I’m not ashamed to admit when I’m scared — but I’m also typically game to face my fears. I’m terrified of heights, so I jumped off a cliff. I was nervous about my ability to complete a long course triathlon after having some knee issues, so I did a half Ironman. And experiencing some major butterflies about leading a workout in front of a thousand of my newest friends didn’t stop me from doing just that at the Lincoln Center last year.
But, every once in a while, I’m surprised by the fear I feel about something — and, believe it or not, that turned out to be the case when the folks at Rollerblade sent me a pair of their Macroblade 100 skates. (For those who aren’t in the know, the 100 refers to the wheel size — 100 is larger, which means you can go fast, but there’s also the Macroblade 84 and Macroblade 90, both of which are great for the type of training I’m gonna touch on below.)
Let me back up a minute. Or maybe more like a decade … or two. I used to have a pair of Rollerblades and I loved them. In high school, I had a summer job scooping ice cream at a beach and, after work, I’d strap on my skates and take off for a workout with friends without thinking twice. And yes, that led to one pretty good tumble when I took on a steep downhill that I hadn’t properly vetted — but for the most part, I just did a lot of skating and went as fast as I could and it was awesome.
Fast forward to the present day, a few weeks after my 37th birthday, when I assumed I’d pick up where I left off … only to find that I felt way more like this.
My eyes might’ve been bigger than Bambi’s on my first time out, to be honest. I just couldn’t believe how unsteady I felt. I mean, earlier that day I’d been out on a stand up paddleboard — battling wind and some decent waves — and never even came close to falling. I’d done hella balance poses at yoga the day before. And yet, on my skates, it took … well, a while before I would release the deathgrip on my (very patient) husband’s arm and skate the length of the sidewalk solo.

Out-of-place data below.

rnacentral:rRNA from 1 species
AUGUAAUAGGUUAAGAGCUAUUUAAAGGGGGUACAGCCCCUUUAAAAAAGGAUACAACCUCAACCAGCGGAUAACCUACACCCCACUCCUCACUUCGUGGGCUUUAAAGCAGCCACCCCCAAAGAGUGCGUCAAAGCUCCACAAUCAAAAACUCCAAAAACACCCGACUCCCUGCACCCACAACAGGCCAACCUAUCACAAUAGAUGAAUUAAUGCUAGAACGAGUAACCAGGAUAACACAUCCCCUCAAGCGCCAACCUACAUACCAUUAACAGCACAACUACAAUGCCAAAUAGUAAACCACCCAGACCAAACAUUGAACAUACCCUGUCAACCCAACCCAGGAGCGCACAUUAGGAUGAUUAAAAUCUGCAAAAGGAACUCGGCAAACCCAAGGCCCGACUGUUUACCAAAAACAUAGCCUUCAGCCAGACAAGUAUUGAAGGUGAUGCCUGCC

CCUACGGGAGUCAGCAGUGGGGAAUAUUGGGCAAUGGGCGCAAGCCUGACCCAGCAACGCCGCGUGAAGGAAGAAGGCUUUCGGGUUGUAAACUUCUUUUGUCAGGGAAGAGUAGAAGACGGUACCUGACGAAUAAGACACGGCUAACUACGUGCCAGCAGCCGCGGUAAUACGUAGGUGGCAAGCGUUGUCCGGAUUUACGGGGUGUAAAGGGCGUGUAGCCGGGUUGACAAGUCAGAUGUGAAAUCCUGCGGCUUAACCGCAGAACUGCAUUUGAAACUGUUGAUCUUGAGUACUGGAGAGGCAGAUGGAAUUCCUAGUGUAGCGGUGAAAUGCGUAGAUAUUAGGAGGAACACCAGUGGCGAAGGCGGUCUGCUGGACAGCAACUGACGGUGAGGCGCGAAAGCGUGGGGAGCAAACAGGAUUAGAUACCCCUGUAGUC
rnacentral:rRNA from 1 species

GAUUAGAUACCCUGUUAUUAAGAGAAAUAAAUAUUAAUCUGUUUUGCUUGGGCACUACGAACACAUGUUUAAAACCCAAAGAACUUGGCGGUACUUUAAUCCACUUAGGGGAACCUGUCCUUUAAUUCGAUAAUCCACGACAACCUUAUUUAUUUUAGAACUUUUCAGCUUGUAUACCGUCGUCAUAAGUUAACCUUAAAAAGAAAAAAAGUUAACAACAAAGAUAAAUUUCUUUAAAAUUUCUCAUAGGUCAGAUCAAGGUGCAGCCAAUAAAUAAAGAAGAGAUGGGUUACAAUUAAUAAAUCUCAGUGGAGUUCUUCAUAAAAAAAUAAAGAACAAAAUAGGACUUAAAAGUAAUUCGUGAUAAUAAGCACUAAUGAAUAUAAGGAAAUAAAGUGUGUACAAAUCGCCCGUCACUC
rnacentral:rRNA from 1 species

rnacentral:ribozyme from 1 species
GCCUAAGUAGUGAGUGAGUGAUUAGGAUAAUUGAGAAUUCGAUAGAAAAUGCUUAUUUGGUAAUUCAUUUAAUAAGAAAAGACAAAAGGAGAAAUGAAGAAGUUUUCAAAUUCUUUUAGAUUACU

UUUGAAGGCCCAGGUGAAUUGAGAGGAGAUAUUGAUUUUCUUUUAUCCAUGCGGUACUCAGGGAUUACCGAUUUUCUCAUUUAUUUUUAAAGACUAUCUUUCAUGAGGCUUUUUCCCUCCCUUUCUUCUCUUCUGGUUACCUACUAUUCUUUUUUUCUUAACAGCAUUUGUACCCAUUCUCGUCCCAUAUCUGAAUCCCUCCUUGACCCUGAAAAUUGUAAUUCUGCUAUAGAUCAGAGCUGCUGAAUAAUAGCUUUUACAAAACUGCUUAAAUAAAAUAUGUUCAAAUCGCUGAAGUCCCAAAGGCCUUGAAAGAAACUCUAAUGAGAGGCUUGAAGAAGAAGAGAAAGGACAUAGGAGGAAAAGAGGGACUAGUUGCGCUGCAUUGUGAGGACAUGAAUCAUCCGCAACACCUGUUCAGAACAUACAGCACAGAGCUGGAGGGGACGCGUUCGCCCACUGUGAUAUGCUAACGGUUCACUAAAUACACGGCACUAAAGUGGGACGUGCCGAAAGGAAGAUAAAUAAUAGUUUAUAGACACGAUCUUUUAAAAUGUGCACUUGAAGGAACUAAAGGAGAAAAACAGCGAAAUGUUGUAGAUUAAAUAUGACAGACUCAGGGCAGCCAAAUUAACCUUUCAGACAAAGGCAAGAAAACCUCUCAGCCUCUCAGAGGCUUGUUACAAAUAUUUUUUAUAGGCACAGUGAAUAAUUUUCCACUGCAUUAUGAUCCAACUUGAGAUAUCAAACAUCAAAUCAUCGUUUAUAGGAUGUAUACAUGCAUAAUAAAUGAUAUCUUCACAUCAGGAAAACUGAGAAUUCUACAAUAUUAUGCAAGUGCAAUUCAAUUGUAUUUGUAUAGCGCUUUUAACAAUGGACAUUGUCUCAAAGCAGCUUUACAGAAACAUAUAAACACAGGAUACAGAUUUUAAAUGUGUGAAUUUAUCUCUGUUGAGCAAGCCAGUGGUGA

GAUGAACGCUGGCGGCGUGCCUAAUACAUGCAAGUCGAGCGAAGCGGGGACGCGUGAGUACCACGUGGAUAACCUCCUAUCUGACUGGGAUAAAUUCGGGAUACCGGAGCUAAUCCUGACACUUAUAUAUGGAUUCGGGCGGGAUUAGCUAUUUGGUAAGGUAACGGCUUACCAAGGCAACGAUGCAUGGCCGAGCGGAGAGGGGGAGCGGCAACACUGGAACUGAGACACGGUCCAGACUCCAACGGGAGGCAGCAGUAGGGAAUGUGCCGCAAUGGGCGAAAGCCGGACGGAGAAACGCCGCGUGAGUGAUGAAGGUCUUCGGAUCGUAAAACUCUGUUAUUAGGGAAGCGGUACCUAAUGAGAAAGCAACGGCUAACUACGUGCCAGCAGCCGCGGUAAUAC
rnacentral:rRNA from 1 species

Don’t worry — it gets better, and so do I.
A couple of days later, we headed to a nearby empty (and smooth) parking lot, and boy, did that make a difference. It didn’t take long before I was building speed, practicing turns, and attempting to learn to stop (although I’m still mostly relying on a mix of Jared catching me, skating into the grass and prayer — braking is haaaard).
And that’s really good for a couple of reasons. First off, in Hawaii, I learned from some of the surfers I met that Rollerblading is a really great way to train for surfing — and you know how much I want to be able to actually surf.
But, even better (or, at least, more pertinent to my daily life), it’s also awesome training for running — in fact, Rollerblade has a training program specifically for runners. And it makes sense if you think about it, since inline skating works a lot of the same muscles you’d use for running, but (assuming you don’t flail and fall all over the place) with less impact, so you can skate either as a replacement for, say, a long slow run, or as cross training in addition to your regular runs.
I won’t lie — I’m still building my skill level (not to mention my confidence), so I haven’t incorporated too many drills just yet (unless you count “remain upright and move forward” a drill, which isn’t totally unreasonable). But I’m seriously excited about how much improvement I’m seeing every single time I put my skates on. In just a few more sessions, I think I’ll be working that one-foot swizzle like a boss … and there’s no doubt in my mind that I’ll be mixing in some skating sessions as I get my run on this race season.
When’s the last time you slipped into a pair of Rollerblades? Think you could get right back out there if you did it again today? You might wanna give it a try, because, from what I’m seeing out on the bike trails and boardwalks these days, they are back! —Kristen